I think that it is reasonable to assume that in order to compete for said good paying jobs, many companies will apply for every possible waiver.

I believe that Part 107 will lower the cost of doing business for a new, second-tier of suppliers whose market will largely be photography and videography for verticals like real estate. Start-ups who believe that they will be able to sell to enterprise customers are in for a rude surprise.

Part 107 will lower barriers and encourage innovation and wider adoption. But it won’t create a free-for-all. Clients, especially corporations, will still demand a high level of professionalism, proof of sound operating processes, insurance, and a demonstrated safety record. A successful UAV operation will depend on safety, scalable processes, and outstanding customer service. dronelife.com

Tony Carmean, partner at Aerial MOB, one of the original 7 to get a 333, noted that business was still going to have to be earned the old fashioned way:

“Although [Part 107] opens up the opportunity for more people to operate drones in film production with minimum requirements, it is important for productions to be sure to look at [several factors] when vetting out an aerial drone cinematography company [including] the safety track record of the company and [confirmation] that the company has the proper liability and other insurance coverage in place.” UASVision

Insurance is not a requirement to fly or offer commercial services under Part 107.

Notably, we have not heard from the insurers. Now that the law is in place, traditional home and commercial underwriters are expected to come into the market. Competing with their broker networks for the most desirable customers is a battle many general aviation brokers are ill-equipped to fight.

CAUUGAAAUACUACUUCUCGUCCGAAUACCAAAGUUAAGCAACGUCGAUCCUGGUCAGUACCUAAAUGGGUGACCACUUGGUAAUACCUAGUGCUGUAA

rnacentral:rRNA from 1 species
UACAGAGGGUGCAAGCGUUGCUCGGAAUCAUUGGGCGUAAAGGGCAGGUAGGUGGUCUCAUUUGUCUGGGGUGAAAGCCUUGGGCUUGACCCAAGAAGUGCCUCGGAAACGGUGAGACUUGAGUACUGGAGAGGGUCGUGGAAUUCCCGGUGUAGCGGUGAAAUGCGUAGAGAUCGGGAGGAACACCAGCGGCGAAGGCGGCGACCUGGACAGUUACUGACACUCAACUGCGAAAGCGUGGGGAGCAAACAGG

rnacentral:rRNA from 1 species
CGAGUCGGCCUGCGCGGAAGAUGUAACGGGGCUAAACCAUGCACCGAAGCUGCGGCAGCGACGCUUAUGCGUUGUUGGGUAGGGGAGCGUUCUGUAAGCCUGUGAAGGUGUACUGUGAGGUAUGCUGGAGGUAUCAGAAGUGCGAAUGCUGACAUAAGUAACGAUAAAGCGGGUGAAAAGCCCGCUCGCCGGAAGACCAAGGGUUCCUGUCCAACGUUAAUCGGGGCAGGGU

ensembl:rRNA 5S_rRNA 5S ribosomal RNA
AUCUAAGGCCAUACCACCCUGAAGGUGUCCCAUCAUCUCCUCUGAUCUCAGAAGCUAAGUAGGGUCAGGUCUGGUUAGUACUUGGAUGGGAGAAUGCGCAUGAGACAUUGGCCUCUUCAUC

Meanwhile, businesses that sell DaaS and various bundles to end users are revising their marketing copy… got to love this pitch:

The costs of paying for commercial pilots will be eliminated, which will dramatically reduce your drone mapping costs. Now, clients can fly these drones themselves potentially saving thousands of dollars a month.

The logistical issues are also eliminated, due to the fact that hiring and training pilot and setting up flight times for them will be unnecessary.

Another addition to this ruling is the change in NOTAM (Notice to Airmen). Previously, drone operators needed to file this paperwork to the FAA to let them know your drone is going to be in the air. With the new ruling, this is no longer required… Identified Technologies

A 107, a pile of software manuals and a spiffy fitted foam case does not make someone proficient or efficient.

The fact is that most people whose businesses will benefit from using drones already have a job. One has to wonder how many of them will actually want to take the time to pass the test and to act as PIC. As we are often reminded, piloting is a skill, never mind everything else that goes into running a data gathering operation.

I’ll leave it to the Drone Analyst, Colin Snow to sum up the business impact of the new rule.

BOTTOM LINE: Markets and businesses love regulation clarity – and with Part 107 we now have that. But we are far away from an inflection point of “drones taking off” — if there is one. The inability to fly over people or beyond visual line-of-sight (BVLOS) restricts some high-margin operations. Because of this, in one sense we have reached a plateau. This rule took a total of 10 years to get. No one knows how long the next one will take. dronelife.com

3) The Political Picture

This was a big day for sure. But the full court press deployed for the announcement raises some interesting questions. To the (limited) extent that drones are a top of mind issue, public awareness is largely focused on the invasion of privacy, trespassing and the threat of a drone hitting something or someone. Which from a marketing/PR perspective Part 107 does little to assuage. That may be why the FAA rolled out the heavy hitters to provide air cover.
FAA veteran John Goglia surprised a lot of people with his comment: